The commission inquired about the collaboration with the Block by Block security ambassador team in handling special events, especially the upcoming Halloween event, which will be held in the Rainbow District. Sergeant Duran noted that the event’s scale necessitates coordination with various groups, including the Emergency Operations Bureau, the fire department, code enforcement, and others to ensure safety. The Block by Block team will act as “eyes and ears” during the event, not only within the event area but also in surrounding regions to assist residents not attending the event.

Next, they discussed the strategy behind selecting locations for special pedestrian and bicycle safety activations, which are determined based on current trends and accident locations. The areas can change during the day based on the observations of the enforcement team.

The commission followed up with a question about the practice of officers placing their hand on their gun during traffic stops. Sergeant Duran clarified that this is a safety measure and not an intimidation tactic. It stems from training encouraging officers to be prepared to draw their weapon quickly in dangerous situations, which traffic stops can potentially become. The discussion highlighted the danger inherent in traffic stops and the necessity for officers to secure their weapon as a precaution, not as a threat to the civilians.

They also discussed increased patrols in specific areas with recent security issues, including La Brea and regions above Sunset Boulevard. Efforts include increased foot patrols and collaboration with the Block by Block team to deter crime through increased visibility in problem areas.

The commission raised concerns about the statistics on fentanyl overdoses in the community. Sergeant Duran mentioned the difficulties in obtaining accurate statistics due to restrictions imposed by HIPAA regulations and the need for an explicit cause to investigate a death. He agreed to try to obtain information regarding incidents where fentanyl was found during arrests.

Following up, there was a discussion about the wanted posters for individuals involved in pickpocketing. Sergeant Duran clarified the existence of two versions of wanted posters: one restricted to law enforcement and another for the public, the latter being disseminated through media outlets. She noted the potential for a new technology platform to facilitate broader dissemination of information to businesses and the public.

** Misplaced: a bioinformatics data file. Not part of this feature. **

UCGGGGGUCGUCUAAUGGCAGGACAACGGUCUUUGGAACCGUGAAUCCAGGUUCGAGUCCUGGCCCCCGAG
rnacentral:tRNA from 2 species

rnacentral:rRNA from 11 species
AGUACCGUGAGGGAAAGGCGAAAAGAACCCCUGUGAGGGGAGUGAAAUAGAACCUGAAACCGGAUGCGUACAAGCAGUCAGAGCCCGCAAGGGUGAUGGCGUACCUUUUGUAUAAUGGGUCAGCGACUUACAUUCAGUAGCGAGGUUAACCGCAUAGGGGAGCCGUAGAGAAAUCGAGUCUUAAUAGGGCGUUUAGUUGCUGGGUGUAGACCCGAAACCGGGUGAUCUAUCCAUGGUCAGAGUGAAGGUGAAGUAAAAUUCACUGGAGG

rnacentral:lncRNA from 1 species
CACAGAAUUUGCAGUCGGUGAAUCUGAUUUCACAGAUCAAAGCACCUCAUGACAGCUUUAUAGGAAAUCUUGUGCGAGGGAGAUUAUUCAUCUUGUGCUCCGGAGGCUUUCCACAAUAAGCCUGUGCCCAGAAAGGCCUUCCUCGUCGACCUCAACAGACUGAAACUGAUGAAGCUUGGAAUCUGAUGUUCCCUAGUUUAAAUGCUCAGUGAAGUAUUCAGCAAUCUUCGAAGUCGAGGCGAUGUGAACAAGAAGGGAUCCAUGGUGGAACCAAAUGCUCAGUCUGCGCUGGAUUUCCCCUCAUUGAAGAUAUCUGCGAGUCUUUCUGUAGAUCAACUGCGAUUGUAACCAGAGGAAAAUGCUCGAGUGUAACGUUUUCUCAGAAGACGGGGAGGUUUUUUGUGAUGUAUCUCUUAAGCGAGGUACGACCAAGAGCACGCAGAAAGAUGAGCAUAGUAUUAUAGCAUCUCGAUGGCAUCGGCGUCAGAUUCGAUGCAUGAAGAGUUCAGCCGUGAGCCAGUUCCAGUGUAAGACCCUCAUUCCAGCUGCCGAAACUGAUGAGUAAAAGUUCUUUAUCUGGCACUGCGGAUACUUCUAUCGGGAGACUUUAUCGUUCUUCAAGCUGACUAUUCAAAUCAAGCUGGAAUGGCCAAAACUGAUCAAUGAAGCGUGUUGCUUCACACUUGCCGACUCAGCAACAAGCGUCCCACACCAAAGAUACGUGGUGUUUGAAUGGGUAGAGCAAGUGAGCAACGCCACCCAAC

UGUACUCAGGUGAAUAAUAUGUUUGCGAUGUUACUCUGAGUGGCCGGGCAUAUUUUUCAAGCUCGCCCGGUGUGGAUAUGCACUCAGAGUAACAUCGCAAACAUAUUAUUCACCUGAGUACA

In response to a request for a key or legend to help the public understand the different categories of crimes listed in the reports, the officers agreed to work on including general descriptions to help delineate the various crime categories in future reports.

Commissioners emphasized the utility of sharing information on traffic citations and appreciated the manual effort involved in gathering recent data. They asked to include this data in the meeting minutes or amend it to the agenda for transparency.

The commission brought up the concept of using PatronScan, a software system that allows bars, restaurants, and nightclubs to communicate with each other and share information about individuals who have been flagged, possibly due to criminal activities. The commission suggested discussing the potential recommendation of this tool to the city council in a future Public Safety Commission meeting to enhance safety in entertainment establishments.

The commission inquired about a specific incident of attempted robbery on Detroit Street. Sergeant Duran confirmed there was an incident on September 4th where an individual was approached for their watch but managed to deter the suspect by convincing them the watch wasn’t valuable. The case is still under investigation and may be connected to another robbery in LA City’s jurisdiction.

The conversation then shifted to an increase in tagging, particularly on dog waste stations and green fencing in the east side area. While the officers noted they do not have specific statistics on vandalism at the moment, they acknowledged that such incidents often go unreported due to rapid cleanup by abatement companies. They committed to looking into recent reports of vandalism and reverting in the next meeting. 

Another commissioner raised a concern about illegal scavenging, highlighting that individuals are following Athens trash trucks and creating public safety issues by leaving trash strewn on the streets. While acknowledging the concern, the officers suggested that it is a matter to be addressed by the city as it pertains to the city app and not directly the sheriff’s department.

As the discussion advanced, an update on the hiring of a public information officer was sought. Sergeant Duran shared that while they received approval for the hire, the county has implemented a hiring freeze due to staff shortages. She elucidated that the shortage is at the department level rather than the specific station. In the interim, they are receiving assistance from the Sheriff’s Information Bureau and a volunteer, Arjun, who is helping modernize their approach to social media and communications.


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About Brandon Garcia
Brandon Garcia is editor of WEHOville. He oversees the website's editorial direction and creates original content such as news reports, photo and video features, digital art work and advertisements. A native of the Rio Grande Valley in Texas, he now lives in WeHo and is a proud member of the LGBTQIA+ community. @brandoninthebubble on Instagram

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19 days ago

I appreciate all their efforts. We need every resource we can get to deter/arrest those that make life miserable for the rest of us.

Jim Nasium
Jim Nasium
20 days ago

PatronScan and private armed security. Sounds like a fun night out.